Unseasonably warm weather this, the last day of November, with high, hazy clouds and a temperature of 68. We had more than three dozen cartoonists, loved ones and friends come together for our monthly luncheon of the National Cartoonists Society Long Island chapter (the "Berndt Toast Gang").
Like all our get togethers, we begin with a toast to a famous cartoonist. This time we toasted Alex Raymond, who died in a tragic car accident in Westport, CT fifty years ago.
A Reuben winner, former NCS president, and the man behind FLASH GORDON, Mr. Raymond developed what Harvey Kurtzman described as a sensual dry brush technique during the 1930s. He worked on 3 comic strips before the war: FLASH GORDON, JUNGLE JIM and SECRET AGENT X-9. After serving in the Marines in the Pacific theatre, now-Major Raymond, created RIP KIRBY. An example here.
He passed away in a sudden auto accident at the age of 46.
"During the accident which led to his untimely demise, he was said to have remarked (by the surviving passenger of the accident) on the fact that a pencil on the dashboard seemed to be floating in relation to the plummet of the vehicle." -- Wikipedia entry
Emilio Squeglio (above) brought in some real out of this world art.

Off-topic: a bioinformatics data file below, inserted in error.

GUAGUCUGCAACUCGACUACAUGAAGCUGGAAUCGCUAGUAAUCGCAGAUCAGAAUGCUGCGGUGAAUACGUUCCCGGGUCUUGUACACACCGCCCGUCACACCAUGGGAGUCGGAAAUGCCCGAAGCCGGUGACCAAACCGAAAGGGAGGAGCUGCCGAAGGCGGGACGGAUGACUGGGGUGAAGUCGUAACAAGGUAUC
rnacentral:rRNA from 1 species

"GALAXA QUEEN OF THE GALAXIES" was a proposal for a TV show that Emilio and his brother put together in 1980. Galaxa can change into anything. "She could 'metamorphisize,'" explained Emilio. The Squeglio brothers had a producer convinced and ABC was ready to greenlight the shooting of a live action pilot -- but the project got scrubbed. "We were unknowns, and they didn't want to risk the millions it would cost on a couple of unknowns."
Emilio brought in a couple of presentation paintings that he had saved. "My brother had no sense of where to place things. So, I would lay them out and he would paint the figures, the planets, the ships."
Joe Giella signed some DC Comics sets of postage stamps. Don Orehek showed me some photos of his grandkids -- all of whom are getting bigger. Look for his terrific cartoons in PLAYBOY.
Here's Adrian Sinnott and Mike Lynch. Adrian's a prolific childrens book illustrator and teacher. We were wearing the same blue shirt, as I am ever so obviously pointing out.
And here is Bunny Hoest, Lewis Methany and Art Cumings. Lewis is putting together a NYC gallery exhibit titled Cartoon Limbo. More about that when it opens in January 2007. The Long Island Museum's Lisa Cuomo joined us as well. She would like to put together a Spring 2007 exhibit showcasing some of our members' work. More anon!
Two ARCHIE artists: Joe Edwards makes a point to Stan Goldberg.
Mike Lynch, Stan Goldberg, and Joe Giella. I was trying to convince them to LAUGHTER THE BEST MEDICINE, with lots of my cartoons in it, now out in paperback for $14.95 at all the bookstores.
Not pictured: Al Scaduto sang a Neopolitan song, and Bill Kresse played his harmonica in a holiday song sing-a-long. He then surprised his wife Lorraine -- and we all joined in -- in playing (Bill) and singing (the rest of the Gang) a happy birthday tune to her. Many happy returns, Lorraine!
Another great couple of hours talking shop with cartoonists.